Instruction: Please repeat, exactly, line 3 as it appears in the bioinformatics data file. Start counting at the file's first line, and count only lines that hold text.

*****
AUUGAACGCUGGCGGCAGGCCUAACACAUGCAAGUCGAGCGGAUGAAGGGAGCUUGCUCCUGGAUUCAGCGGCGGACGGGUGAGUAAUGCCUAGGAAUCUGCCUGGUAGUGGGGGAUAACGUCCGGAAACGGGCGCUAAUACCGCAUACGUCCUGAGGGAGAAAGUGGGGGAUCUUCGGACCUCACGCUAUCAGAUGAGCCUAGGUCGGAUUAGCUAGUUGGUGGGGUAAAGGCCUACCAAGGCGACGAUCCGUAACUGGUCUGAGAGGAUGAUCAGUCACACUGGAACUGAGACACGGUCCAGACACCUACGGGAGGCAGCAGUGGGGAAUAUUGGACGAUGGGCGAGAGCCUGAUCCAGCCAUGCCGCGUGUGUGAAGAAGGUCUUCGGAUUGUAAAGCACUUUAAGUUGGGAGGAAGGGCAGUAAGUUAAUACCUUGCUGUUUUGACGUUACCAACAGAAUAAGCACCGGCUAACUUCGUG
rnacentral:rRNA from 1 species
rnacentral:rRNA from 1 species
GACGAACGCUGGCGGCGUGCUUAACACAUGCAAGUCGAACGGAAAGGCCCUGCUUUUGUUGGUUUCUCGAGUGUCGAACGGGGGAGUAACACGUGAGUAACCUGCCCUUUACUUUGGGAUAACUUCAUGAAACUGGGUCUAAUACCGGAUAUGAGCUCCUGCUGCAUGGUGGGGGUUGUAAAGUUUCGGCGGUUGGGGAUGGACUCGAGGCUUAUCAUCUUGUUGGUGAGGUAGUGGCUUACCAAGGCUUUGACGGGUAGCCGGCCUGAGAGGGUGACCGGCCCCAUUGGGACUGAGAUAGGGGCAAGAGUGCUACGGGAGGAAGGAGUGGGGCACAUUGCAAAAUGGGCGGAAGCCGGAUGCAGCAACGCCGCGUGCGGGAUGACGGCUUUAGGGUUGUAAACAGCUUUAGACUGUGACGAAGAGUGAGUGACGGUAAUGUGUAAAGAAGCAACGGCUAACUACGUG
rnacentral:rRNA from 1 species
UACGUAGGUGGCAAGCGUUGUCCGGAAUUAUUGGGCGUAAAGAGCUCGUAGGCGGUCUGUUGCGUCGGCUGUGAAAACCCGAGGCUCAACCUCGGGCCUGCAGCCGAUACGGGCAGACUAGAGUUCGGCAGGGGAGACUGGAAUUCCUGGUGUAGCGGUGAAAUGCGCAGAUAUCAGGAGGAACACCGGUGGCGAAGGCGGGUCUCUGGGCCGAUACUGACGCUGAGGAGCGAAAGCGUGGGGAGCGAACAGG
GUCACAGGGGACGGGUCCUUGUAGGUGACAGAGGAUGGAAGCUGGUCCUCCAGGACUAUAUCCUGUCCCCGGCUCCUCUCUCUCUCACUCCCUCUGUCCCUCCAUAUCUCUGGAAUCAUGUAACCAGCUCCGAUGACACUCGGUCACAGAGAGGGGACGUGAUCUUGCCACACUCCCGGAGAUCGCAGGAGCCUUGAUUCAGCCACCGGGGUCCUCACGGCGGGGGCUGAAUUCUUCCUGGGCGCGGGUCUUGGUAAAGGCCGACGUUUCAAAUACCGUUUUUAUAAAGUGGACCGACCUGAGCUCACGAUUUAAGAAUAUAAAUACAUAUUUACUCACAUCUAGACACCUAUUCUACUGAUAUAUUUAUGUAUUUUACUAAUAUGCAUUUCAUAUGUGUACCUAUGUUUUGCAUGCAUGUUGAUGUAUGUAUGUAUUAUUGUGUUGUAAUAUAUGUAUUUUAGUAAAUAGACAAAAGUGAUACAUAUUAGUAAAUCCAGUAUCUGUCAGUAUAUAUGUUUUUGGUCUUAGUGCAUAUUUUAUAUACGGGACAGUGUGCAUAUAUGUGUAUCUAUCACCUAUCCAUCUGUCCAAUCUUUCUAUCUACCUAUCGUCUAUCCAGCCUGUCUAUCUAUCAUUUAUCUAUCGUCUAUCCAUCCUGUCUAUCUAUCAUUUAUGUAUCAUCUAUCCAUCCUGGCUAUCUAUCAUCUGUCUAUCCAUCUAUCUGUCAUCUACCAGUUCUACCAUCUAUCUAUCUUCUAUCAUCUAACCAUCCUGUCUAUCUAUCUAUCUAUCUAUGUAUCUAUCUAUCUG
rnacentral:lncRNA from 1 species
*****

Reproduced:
rnacentral:rRNA from 1 species